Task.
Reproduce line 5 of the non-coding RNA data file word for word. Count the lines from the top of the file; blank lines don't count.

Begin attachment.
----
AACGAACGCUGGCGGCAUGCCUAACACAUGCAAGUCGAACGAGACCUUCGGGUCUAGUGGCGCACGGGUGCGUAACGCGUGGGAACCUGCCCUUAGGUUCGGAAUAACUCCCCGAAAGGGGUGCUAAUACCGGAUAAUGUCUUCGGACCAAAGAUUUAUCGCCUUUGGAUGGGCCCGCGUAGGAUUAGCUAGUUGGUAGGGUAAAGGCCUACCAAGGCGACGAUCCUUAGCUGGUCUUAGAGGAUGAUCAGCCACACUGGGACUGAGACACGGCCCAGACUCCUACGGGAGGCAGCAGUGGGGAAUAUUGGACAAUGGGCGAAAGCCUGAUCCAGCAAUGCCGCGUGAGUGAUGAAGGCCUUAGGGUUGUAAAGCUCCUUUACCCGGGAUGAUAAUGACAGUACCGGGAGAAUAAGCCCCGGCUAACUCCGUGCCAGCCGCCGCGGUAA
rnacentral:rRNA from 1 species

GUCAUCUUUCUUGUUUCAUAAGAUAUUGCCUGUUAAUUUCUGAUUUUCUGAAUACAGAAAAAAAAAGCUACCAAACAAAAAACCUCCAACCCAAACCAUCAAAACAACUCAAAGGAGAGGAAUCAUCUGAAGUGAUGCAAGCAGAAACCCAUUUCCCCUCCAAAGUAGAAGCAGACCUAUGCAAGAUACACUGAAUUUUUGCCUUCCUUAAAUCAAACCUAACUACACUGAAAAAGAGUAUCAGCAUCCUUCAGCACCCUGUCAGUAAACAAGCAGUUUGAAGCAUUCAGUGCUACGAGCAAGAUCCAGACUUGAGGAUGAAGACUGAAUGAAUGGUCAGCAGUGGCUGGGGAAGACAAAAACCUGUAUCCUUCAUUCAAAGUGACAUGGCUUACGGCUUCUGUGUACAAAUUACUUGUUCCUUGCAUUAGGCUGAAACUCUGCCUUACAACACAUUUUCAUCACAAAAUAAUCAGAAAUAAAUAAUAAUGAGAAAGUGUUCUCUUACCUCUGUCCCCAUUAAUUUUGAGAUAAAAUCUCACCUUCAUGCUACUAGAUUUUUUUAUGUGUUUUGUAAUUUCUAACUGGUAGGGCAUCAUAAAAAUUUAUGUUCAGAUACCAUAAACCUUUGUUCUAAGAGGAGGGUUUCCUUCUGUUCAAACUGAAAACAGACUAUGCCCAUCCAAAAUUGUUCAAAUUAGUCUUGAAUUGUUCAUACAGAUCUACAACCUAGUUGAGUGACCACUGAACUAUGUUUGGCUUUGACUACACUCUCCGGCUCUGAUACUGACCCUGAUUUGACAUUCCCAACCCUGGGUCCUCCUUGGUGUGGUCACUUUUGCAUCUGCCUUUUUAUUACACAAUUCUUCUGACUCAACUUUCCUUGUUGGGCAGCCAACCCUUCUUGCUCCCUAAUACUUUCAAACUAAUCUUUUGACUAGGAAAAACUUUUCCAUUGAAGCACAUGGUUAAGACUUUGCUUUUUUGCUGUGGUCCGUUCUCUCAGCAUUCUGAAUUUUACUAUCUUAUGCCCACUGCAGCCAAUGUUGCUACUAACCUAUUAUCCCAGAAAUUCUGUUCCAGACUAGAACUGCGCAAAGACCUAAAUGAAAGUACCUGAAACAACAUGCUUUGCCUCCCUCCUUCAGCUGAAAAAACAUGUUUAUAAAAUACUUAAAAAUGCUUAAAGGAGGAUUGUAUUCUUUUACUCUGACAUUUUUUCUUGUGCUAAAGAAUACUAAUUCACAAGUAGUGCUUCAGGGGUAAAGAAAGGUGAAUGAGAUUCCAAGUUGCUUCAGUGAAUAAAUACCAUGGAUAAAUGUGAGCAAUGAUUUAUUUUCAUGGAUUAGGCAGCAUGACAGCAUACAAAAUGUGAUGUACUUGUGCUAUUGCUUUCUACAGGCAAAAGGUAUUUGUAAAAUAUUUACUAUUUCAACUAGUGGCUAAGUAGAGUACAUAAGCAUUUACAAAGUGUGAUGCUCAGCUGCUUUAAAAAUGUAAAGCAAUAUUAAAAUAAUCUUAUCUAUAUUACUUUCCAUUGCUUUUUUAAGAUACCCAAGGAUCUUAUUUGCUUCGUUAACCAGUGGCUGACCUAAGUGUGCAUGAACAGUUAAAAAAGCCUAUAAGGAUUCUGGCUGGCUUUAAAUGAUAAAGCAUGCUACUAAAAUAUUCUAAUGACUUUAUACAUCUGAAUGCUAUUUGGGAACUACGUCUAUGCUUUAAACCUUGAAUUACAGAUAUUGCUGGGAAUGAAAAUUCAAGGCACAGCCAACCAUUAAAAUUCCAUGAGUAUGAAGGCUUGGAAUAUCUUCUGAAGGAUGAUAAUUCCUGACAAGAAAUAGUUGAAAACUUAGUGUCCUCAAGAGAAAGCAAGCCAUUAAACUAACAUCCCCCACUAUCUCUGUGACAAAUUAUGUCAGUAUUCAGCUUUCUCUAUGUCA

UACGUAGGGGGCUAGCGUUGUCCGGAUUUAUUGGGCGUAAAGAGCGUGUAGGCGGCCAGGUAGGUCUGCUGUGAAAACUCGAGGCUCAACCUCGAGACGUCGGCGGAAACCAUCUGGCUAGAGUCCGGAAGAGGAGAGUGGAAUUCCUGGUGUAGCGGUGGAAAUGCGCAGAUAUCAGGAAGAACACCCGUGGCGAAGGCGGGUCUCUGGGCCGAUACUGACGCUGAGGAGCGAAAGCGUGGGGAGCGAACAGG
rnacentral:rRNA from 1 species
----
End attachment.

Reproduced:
rnacentral:rRNA from 1 species